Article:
Lewis' 'Walking' -- a better America

July 19, 1998|By M. Dion Thompson | M. Dion Thompson,SUN STAFF

"Walking With the Wind: A Memoir of the Movement," by John Lewis, with Michael D'Orso. Simon & Schuster. 475 pages. $26.

John Lewis almost lost his family in early 1960. They couldn't understand the protests, the sit-ins, the arrests. "You went to school to get an education," his mother wrote. "You should just get out of this movement, just get out of that mess."

Thank God he did not listen to her. For if he had, he could not have written this beautifully restrained, yet powerful, memoir.

Bookstores are awash in memoirs. They're a current publishing craze. Everybody seems to be writing one, though many have nothing to say. "Walking With the Wind" won't end up in the remainder stack. It is uplifting, a must-read for anyone who wants an inside look to comprehend the civil rights movement of the 1960s.

Lewis was everywhere during that era. From sit-ins to Freedom Rides; from the historic March on Washington in 1963 to the dramatic march for voting rights in Alabama in 1965, he could usually be found on the front lines.

He was not the movement's most charismatic leader, nor was he an orator whose eloquence could send chills down your spine. He was a steady soldier, determined, ready to take the blows to the head and body.

His memoir's success is evidence that a strong, meaningful story does not need beautiful language or literary style to do its job. It needs only a sure, confident hand. "Walking With the Wind" virtually tells itself.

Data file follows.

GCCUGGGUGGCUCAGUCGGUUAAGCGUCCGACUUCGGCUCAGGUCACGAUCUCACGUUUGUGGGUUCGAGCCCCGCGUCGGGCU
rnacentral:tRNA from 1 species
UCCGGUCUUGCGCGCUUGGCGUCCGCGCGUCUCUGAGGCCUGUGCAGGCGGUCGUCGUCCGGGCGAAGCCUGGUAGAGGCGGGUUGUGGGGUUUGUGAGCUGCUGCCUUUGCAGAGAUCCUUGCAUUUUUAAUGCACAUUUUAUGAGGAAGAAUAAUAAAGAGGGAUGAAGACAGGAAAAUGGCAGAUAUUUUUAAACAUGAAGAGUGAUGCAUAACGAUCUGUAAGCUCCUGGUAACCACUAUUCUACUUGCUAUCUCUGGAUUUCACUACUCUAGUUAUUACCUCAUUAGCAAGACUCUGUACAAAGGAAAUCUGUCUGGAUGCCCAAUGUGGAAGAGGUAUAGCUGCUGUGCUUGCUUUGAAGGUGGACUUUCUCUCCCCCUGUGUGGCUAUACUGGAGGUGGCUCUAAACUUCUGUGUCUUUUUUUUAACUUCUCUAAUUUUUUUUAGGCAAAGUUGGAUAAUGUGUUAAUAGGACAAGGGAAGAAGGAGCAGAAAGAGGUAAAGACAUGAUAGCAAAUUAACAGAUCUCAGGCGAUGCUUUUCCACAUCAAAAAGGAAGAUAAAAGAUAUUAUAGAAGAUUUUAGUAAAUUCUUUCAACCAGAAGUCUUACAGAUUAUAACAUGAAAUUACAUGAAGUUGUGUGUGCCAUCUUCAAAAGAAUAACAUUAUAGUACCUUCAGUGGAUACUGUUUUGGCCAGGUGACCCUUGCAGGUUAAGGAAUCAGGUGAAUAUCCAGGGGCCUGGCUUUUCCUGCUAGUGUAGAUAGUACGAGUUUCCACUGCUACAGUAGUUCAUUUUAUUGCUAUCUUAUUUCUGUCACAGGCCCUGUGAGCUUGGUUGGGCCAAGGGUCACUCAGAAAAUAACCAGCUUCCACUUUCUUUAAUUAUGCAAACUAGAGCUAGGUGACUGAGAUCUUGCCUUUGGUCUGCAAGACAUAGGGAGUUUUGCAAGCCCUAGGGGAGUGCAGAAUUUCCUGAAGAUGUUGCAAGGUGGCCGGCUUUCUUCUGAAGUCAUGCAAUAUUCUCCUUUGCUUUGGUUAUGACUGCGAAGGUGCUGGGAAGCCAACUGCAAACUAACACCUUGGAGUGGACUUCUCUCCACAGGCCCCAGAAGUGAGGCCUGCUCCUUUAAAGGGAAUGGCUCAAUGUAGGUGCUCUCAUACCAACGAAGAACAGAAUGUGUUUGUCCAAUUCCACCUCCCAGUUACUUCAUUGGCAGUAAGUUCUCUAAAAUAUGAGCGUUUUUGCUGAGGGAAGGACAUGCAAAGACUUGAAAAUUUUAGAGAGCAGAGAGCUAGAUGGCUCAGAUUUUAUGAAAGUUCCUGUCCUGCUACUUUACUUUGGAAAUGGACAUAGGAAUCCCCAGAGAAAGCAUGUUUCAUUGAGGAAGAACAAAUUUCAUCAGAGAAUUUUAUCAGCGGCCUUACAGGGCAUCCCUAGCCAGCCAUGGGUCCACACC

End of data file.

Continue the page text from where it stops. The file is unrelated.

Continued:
Growing up, Lewis' family called him "preacher" for the sermons he gave in the chicken coop. They were hard-working people, sharecroppers in Pike County, Ala. Lewis ached to escape that life. He saw education as his way out.

By September 1957, he was in Nashville, Tenn., attending the American Baptist Theological Seminary. By 1960, he was integrating lunch counters. He gives those times a you-are-there immediacy. It is amazing how a handful of people who say, "Enough," can set in motion a movement that changes the social order.

It took only five years for the civil rights movement to go from sit-ins to the landmark Voting Rights Act of 1965. Lewis doesn't stop with that victory. He carries the reader on through the power shift that ended with Stokely Carmichael replacing him as chairman of the Student Nonviolent Coordinating Committee (SNCC). It was a time when, in his words, "the spirit of redemptive love was being pushed aside by a spirit of rage."

What followed were riots, assassinations, an escalating war and the decline of non-violence. By the end of 1968, the nation was spent. Lewis wisely continues his story.

His final three chapters follow him through the political establishment to his current position as congressman from Atlanta. He ends with what can best be called a sermon, a call to reclaim the values and teachings that inspired a movement.

It is enough to make the most cynical stop, if only for a moment, to reconsider Lewis and the lives of those to whom he has dedicated this heartfelt memoir, "the countless unsung heroes who cared deeply, sacrificed much, and fought hard for a better America."

M. Dion Thompson is a features writer at The Sun. He has worked as assistant bureau chief in the Anne Arundel bureau. He has been writing for newspapers for 12 years. In addition to The Sun, he has worked at the Miami Herald and the Hartford (Conn.) Courant.

Pub Date: 7/19/98

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